By Kole Casule
BLACE, Macedonia (Reuters) - Macedonian truck drivers blocked the main border crossing with Kosovo on Tuesday in a deepening trade row between the Balkan neighbors that is hurting Macedonian producers in one of their biggest markets.
The blockade followed a decision by Kosovo on Monday to ban the import of all Macedonian goods. Macedonia last year exported products worth $392 million to Kosovo, mainly cement, medicine, oil, steel, beverages, fruit and vegetables.
The trade dispute started in July when Macedonia imposed a measure to limit the import of wheat and flour from all members of the Central European Free Trade Agreement (CEFTA), including Kosovo, in an effort to protect domestic production.
Kosovo responded by banning imports of Macedonian food, beverages and cigarette products, and introduced a blanket ban on Macedonia goods at midnight on Sunday after Skopje introduced a levy on Kosovo citizens entering Macedonia.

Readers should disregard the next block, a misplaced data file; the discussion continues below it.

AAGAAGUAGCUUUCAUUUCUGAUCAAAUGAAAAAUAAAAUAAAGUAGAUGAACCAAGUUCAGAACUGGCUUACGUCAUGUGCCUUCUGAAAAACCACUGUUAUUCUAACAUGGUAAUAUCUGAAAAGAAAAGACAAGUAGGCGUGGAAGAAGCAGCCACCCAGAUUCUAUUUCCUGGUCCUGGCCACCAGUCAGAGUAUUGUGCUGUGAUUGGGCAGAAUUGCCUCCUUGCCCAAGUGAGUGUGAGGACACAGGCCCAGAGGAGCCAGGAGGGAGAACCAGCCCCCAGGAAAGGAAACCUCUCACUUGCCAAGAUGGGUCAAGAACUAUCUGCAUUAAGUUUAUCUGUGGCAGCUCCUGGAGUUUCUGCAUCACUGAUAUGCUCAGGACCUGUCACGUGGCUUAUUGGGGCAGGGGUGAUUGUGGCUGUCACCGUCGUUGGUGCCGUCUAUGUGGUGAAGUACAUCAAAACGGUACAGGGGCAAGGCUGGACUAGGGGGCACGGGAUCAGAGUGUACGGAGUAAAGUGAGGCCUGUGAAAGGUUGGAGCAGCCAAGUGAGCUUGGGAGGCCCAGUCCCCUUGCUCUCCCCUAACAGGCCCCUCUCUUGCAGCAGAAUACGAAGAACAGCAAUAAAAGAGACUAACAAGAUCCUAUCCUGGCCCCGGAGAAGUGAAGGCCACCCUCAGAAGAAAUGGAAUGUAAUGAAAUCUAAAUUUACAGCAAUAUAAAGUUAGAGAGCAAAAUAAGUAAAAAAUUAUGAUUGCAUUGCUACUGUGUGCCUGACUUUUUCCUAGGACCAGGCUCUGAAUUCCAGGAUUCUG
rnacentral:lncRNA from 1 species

Overnight, several trucks blocked the road leading to the main border crossing at Blace.
"We are stopping every car, but people can pass on foot," said Biljana Muratovska, the head of Macedonia's association of truck drivers, Makamtrans.
"We are waiting for an answer from the Kosovo and Macedonian governments," Muratovska added. "They should know we cannot live without each other."
The prime ministers of Macedonia and Kosovo, Nikola Gruevski and Hashim Thaci, discussed the dispute by phone on Sunday evening but failed to find a solution.
The Macedonian government was to hold a session on Tuesday, with the trade row likely on the agenda. Macedonia imported around $29 million worth of goods from Kosovo last year.
Though there was no obvious political backdrop to the row, relations between Macedonia and Kosovo have been far from simple since Kosovo's 1998-99 war helped trigger a spillover insurgency in Macedonia in 2001.
Albanians are the overwhelming majority in Kosovo, and form a large minority - more than 25 percent - in Macedonia.
(Writing and additional reporting by Fatos Bytyci in Pristina; Editing by Matt Robinson and Andrew Heavens)